natural gas pipeline

Lindsey Smith / Michigan Radio

LANSING, Mich. (AP) - Experts say that with at least nine coal plants in Michigan slated to shut down in the next 10 months, natural gas is the likely replacement as the primary source for generating energy.  But they are not predicting a large increase in natural gas production in the state. Instead, they say there likely will be more pipelines and other infrastructure built to import more natural gas from nearby Ohio and Pennsylvania.

Julie Grant

New pipelines are good for energy companies, but they often disturb private property. The Nexus pipeline would run 250 miles from gas wells in southeast Ohio to Michigan and Canada. Julie Grant reports it’s drawing opposition from landowners concerned about their safety and property rights.

Steve Carmody / Michigan Radio

LANSING (AP) - Democratic lawmakers are proposing increased state oversight of Michigan's oil and gas pipelines.

  The four-bill package announced this week would require the state Department of Environmental Quality to regularly inspect pipelines under the Great Lakes and mandate that pipeline operators submit emergency response plans to state regulators.

  Rep. Jeff Irwin of Ann Arbor says he's thankful aging lines beneath the Straits of Mackinac haven't leaked. But he says more oversight is needed to "ensure Michigan's economy and natural resources are protected."

Steve Carmody / Michigan Radio

Plans for a new natural gas pipeline through parts of southeastern Michigan face a lot of local opposition.

The ET Rover Pipeline would snake its way through more than a half dozen counties, from the Ohio border to Sarnia, Ontario. It’s part of a planned 800-mile pipeline that will stretch from Pennsylvania and West Virginia through Ohio to Michigan.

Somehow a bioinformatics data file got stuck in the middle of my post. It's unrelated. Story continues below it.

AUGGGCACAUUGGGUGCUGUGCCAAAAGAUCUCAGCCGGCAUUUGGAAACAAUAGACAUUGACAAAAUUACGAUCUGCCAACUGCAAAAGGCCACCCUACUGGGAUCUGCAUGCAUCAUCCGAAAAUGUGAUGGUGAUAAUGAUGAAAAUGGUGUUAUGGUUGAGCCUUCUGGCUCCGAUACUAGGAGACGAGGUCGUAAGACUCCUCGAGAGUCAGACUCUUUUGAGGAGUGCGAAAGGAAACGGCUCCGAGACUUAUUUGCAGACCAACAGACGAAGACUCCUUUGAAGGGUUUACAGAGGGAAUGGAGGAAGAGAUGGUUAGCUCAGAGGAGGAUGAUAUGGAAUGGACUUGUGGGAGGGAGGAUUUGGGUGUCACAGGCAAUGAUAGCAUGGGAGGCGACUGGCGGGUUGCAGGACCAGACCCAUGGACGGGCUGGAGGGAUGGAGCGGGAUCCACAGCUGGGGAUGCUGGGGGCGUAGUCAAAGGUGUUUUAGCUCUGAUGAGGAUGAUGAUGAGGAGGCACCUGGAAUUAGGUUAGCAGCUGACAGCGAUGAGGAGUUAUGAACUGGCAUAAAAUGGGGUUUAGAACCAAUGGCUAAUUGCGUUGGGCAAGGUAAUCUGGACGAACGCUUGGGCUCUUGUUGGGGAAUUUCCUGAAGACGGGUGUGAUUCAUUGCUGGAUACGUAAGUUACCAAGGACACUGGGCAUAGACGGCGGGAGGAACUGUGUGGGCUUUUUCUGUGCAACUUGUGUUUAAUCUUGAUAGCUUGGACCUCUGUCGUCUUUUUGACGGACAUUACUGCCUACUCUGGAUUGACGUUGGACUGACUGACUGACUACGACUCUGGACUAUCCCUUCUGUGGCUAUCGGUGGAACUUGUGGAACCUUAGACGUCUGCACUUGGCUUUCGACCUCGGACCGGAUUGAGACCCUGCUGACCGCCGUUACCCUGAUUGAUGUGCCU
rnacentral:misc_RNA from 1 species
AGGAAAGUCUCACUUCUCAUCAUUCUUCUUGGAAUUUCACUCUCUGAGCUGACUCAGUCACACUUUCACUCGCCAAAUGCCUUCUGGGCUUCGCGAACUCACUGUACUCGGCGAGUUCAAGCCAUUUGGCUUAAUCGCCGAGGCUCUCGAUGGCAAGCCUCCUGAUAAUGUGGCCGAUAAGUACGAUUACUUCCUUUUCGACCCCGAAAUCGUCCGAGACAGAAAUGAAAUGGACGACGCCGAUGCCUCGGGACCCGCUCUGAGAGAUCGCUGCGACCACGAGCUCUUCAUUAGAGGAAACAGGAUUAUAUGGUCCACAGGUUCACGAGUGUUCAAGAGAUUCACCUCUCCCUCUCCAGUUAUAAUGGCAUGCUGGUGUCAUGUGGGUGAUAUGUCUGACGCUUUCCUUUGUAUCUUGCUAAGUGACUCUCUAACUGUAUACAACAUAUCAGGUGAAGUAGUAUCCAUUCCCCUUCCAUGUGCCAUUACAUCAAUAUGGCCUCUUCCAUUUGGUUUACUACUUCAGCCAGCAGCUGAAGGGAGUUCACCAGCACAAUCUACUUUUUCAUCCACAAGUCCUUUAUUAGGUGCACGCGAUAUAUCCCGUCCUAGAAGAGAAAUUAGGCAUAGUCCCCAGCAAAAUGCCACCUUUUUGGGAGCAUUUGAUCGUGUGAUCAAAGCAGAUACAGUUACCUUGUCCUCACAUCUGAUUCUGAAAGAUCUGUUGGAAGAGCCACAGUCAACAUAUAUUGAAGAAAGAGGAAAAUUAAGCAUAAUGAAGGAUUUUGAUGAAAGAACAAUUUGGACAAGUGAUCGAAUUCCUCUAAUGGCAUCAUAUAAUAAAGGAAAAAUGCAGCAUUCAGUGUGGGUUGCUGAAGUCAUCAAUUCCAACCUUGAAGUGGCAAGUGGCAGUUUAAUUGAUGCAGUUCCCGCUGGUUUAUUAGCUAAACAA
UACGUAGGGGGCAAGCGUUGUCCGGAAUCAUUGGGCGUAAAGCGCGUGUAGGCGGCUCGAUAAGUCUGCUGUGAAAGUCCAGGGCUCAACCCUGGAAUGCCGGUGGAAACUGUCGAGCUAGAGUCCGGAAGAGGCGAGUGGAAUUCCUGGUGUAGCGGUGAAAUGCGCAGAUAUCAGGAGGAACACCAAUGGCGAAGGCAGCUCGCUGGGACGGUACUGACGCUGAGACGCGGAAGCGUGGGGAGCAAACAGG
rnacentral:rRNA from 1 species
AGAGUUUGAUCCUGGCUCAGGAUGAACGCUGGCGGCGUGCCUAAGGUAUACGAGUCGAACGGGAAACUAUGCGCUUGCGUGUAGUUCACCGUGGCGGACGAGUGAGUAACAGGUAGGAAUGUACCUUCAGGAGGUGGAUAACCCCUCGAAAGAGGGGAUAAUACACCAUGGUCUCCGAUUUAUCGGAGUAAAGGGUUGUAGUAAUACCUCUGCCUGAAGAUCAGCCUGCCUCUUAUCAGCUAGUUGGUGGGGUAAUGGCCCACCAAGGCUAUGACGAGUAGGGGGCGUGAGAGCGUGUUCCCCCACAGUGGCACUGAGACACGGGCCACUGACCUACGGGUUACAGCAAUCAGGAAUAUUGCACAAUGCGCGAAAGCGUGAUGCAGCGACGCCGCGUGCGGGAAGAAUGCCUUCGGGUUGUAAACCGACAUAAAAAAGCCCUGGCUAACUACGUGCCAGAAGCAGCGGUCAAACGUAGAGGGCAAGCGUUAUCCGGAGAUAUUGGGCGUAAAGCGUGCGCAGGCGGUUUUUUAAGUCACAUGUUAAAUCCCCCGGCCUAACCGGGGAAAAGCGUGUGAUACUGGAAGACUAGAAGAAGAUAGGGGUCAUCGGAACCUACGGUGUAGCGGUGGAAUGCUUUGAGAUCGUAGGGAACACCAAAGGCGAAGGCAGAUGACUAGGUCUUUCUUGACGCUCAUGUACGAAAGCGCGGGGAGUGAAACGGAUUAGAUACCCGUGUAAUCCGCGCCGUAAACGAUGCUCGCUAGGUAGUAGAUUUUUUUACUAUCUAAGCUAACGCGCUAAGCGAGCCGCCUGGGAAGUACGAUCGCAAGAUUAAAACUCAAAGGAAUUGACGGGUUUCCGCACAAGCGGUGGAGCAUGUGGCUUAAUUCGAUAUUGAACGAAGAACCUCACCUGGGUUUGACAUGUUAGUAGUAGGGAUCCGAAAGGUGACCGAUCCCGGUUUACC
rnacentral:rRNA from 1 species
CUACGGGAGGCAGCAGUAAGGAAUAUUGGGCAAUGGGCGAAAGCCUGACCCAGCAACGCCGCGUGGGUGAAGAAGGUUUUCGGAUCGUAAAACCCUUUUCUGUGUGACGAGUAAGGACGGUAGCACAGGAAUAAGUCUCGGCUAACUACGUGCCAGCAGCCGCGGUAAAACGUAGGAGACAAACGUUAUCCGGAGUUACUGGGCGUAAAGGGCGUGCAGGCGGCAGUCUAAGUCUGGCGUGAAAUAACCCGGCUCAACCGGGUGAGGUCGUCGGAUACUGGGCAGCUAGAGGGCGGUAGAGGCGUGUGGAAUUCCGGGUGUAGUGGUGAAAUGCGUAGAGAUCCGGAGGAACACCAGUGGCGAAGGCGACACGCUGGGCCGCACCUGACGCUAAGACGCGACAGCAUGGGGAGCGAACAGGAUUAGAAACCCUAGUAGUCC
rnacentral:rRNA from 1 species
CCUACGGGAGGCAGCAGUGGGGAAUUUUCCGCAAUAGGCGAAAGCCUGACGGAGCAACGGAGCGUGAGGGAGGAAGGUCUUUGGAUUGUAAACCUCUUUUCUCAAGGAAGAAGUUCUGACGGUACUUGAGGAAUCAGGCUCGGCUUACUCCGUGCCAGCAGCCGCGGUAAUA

A section of new pipeline for Enbridge's line 6B.
Mark Brush / Michigan Radio

"Here we go again."

That's what some in Michigan are undoubtedly thinking as they learn of a proposed natural gas pipeline that could run through Michigan on its way to Ontario, Canada.

The proposed Rover Pipeline would carry natural gas through about 180 miles of Michigan. Some of it would track the very same route as the controversial Enbridge 6B oil pipeline that was recently replaced.

Keith Metheny is a reporter with the Detroit Free Press.

Metheny said the pipes will take natural gas from areas in Pennsylvania, West Virginia, and Ohio and ship it westward into Michigan, through the southeast corner, spanning through six counties, and ending up in a hub in Ontario for distribution. The pipeline might follow a portion of the 6B route, around Oakland, Macomb, and St. Clair counties and possibly others.

“It’s going to be the very same people, the very same route, the people who saw their backyards torn up for a year, the people who occasionally had their roads inaccessible,” Metheny said.

Metheny said this pipeline would be large, 42 inches in diameter that will transfer more than 3 billion cubic feet of gas per day.

“In the highest gas demand day ever for Consumers Energy, which was in January 2013, they pushed out less natural gas across the entire state of Michigan than the amount that would pass through this pipeline every day,” Metheny said.

He added that the Federal Energy Regulatory Commission will determine if the pipes go down, but a decision may not be made until 2015.

Energy Transfer will hold a series of public meetings along the path of the proposed Rover Pipeline.

There will be a meeting this evening in Chelsea at 5:30 pm to 7:30 pm at the Comfort Inn Village Conference Center on Commerce Park Drive in Chelsea. And there's a meeting tonight in Richmond at the Lois Wagner Memorial Library, again, from 5:30 pm-7:30 pm.

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